I have a series of Ubuntu 10.04 servers and each one has ufw firewall enabled. I have allowed port 22 (for SSH) and 80 (if it's a webserver). My question is that I am trying to enable icmp echo response (ping reply).

ICMP functions differently than other protocols--I know it is below the IP level in a technical sense. You can just type sudo ufw allow 22, but you cannot type sudo ufw allow icmp

6 Answers 6


ufw does not allow specifying icmp rules via the command line interface command. It does allow you to adjust your ruleset via its rules files, which are iptables-restore style files.

ufw does allow certain icmp traffic by default including icmp echo reply, and this is already configured by default in /etc/ufw/before.rules:

-A ufw-before-input -p icmp --icmp-type echo-request -j ACCEPT

If your host is not responding to ping, look in this file to make sure the above line is present and if that doesn't work, look at the pinging host and any firewalls between them.

  • 3
    not works for me: 11.04 server.how can i troubleshoot this issue?
    – pylover
    Dec 17, 2012 at 20:46
  • Does it need any reset or something like that? Dec 17, 2013 at 20:05
  • 3
    @AmirKarimi sudo ufw reload (and to allow ping requests I had to add -A ufw-before-output -p icmp --icmp-type echo-request -j ACCEPT in /etc/ufw/before.rules)
    – baptx
    Jan 14, 2018 at 20:43

For Ubuntu 18.04, you should have the following rules in your /etc/ufw/before.rules file:

# ok icmp codes for INPUT
-A ufw-before-input -p icmp --icmp-type destination-unreachable -j ACCEPT
-A ufw-before-input -p icmp --icmp-type source-quench           -j ACCEPT
-A ufw-before-input -p icmp --icmp-type time-exceeded           -j ACCEPT
-A ufw-before-input -p icmp --icmp-type parameter-problem       -j ACCEPT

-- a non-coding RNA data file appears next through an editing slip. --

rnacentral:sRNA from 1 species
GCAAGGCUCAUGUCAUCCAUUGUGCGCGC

-A ufw-before-input -p icmp --icmp-type echo-request            -j ACCEPT

# ok icmp code for FORWARD
-A ufw-before-forward -p icmp --icmp-type destination-unreachable -j ACCEPT
-A ufw-before-forward -p icmp --icmp-type source-quench           -j ACCEPT
-A ufw-before-forward -p icmp --icmp-type time-exceeded           -j ACCEPT
-A ufw-before-forward -p icmp --icmp-type parameter-problem       -j ACCEPT
-A ufw-before-forward -p icmp --icmp-type echo-request            -j ACCEPT

These were in my default file.

Of course, be sure that this is really the problem. My issue was that my computer was blocking pings from getting out to the network where the server I was trying to ping existed. I ended up using a web site that was already out on the internet to do the ping for me (e.g. https://ping.eu/ping/).


Add the following to the /etc/ufw/before.rules file:

# allow outbound icmp
-A ufw-before-output -p icmp -m state --state NEW,ESTABLISHED,RELATED -j ACCEPT
-A ufw-before-output -p icmp -m state --state ESTABLISHED,RELATED -j ACCEPT

After editing the file, run the command:

sudo ufw reload

It should be noted that, at least in Windows, ping (by default) attempts to communicate via IPv6 and that UFW (by default) blocks that.

In order to ping the IPv4 address, use ping -4 <ip.add.re.ss>


Here is a help document that discuesses how to enable/disable ping et al responses.

UFW help


If you are still having problems, maybe it is your VirtualBox or VMWare network settings. I often use NAT addressing and so I need to go to Devices/Network/Network Settings... -> Advanced -> Port Forwarding and add a rule to map host to guest ports for port 22.

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